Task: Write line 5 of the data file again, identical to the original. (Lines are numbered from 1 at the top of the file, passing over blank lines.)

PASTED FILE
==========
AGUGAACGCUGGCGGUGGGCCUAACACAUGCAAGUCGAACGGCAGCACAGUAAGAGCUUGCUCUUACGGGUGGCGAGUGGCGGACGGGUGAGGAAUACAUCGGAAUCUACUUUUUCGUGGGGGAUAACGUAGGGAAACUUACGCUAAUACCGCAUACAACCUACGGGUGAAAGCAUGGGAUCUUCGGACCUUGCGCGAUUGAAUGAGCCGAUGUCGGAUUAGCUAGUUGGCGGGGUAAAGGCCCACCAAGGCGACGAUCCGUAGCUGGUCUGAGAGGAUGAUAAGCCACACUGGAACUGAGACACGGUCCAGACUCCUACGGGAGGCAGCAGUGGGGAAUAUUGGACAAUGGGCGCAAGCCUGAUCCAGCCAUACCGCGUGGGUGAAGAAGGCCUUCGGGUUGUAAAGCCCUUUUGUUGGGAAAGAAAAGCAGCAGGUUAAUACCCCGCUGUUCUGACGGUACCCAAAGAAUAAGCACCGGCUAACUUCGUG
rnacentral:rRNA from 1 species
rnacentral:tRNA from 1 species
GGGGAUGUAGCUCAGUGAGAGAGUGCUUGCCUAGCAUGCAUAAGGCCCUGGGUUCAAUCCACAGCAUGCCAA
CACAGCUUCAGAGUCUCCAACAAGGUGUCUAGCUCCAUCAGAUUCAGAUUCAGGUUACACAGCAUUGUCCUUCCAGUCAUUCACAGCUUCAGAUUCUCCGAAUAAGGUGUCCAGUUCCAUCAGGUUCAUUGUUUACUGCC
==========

CACAGCUUCAGAGUCUCCAACAAGGUGUCUAGCUCCAUCAGAUUCAGAUUCAGGUUACACAGCAUUGUCCUUCCAGUCAUUCACAGCUUCAGAUUCUCCGAAUAAGGUGUCCAGUUCCAUCAGGUUCAUUGUUUACUGCC